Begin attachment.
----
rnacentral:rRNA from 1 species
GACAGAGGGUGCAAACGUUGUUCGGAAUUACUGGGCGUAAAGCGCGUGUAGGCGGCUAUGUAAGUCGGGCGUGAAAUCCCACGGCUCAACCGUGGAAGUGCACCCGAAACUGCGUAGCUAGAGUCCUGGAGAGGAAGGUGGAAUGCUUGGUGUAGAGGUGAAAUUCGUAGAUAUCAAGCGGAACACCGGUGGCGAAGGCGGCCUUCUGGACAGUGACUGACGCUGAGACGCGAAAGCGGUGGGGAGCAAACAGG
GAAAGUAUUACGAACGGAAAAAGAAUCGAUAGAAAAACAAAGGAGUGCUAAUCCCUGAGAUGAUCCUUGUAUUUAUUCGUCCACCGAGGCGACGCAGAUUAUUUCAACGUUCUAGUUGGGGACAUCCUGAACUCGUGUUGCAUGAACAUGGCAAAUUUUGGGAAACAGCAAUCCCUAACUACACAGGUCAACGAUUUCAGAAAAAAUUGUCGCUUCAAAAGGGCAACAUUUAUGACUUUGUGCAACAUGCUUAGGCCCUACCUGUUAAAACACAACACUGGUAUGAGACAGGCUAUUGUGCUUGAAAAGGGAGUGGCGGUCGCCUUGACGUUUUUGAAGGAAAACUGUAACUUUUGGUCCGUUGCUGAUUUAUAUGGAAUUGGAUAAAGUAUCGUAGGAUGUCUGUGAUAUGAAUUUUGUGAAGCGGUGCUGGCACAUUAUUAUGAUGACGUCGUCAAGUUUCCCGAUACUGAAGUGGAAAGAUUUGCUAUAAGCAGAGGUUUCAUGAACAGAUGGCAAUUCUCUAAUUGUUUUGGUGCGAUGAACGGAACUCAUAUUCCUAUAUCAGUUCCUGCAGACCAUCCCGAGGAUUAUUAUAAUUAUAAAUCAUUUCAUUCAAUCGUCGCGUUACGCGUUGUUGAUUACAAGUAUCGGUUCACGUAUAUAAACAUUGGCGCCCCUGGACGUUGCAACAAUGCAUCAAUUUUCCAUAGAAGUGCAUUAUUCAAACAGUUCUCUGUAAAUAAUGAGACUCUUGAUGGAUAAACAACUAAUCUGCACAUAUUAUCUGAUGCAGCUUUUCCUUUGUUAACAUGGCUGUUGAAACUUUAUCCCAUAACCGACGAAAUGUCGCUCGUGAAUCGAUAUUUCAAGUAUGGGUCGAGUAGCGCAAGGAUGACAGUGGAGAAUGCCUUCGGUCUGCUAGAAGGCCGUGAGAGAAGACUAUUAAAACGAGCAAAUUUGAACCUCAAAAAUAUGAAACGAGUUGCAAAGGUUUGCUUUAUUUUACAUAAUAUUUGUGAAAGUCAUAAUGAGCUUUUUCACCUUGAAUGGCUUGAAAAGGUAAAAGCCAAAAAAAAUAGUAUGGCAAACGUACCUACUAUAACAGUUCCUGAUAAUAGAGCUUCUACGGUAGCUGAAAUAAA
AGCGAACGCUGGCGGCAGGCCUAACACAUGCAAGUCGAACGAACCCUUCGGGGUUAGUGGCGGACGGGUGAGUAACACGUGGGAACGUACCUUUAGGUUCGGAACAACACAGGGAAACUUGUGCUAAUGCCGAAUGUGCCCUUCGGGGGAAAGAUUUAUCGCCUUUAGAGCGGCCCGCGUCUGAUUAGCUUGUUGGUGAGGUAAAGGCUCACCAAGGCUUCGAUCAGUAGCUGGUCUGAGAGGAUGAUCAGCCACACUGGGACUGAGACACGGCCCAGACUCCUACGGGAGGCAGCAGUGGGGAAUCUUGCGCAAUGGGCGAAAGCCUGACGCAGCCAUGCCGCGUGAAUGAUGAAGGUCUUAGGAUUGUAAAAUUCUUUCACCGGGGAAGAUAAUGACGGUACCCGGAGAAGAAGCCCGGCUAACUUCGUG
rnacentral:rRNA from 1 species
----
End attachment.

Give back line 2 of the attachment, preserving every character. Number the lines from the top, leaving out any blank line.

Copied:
GACAGAGGGUGCAAACGUUGUUCGGAAUUACUGGGCGUAAAGCGCGUGUAGGCGGCUAUGUAAGUCGGGCGUGAAAUCCCACGGCUCAACCGUGGAAGUGCACCCGAAACUGCGUAGCUAGAGUCCUGGAGAGGAAGGUGGAAUGCUUGGUGUAGAGGUGAAAUUCGUAGAUAUCAAGCGGAACACCGGUGGCGAAGGCGGCCUUCUGGACAGUGACUGACGCUGAGACGCGAAAGCGGUGGGGAGCAAACAGG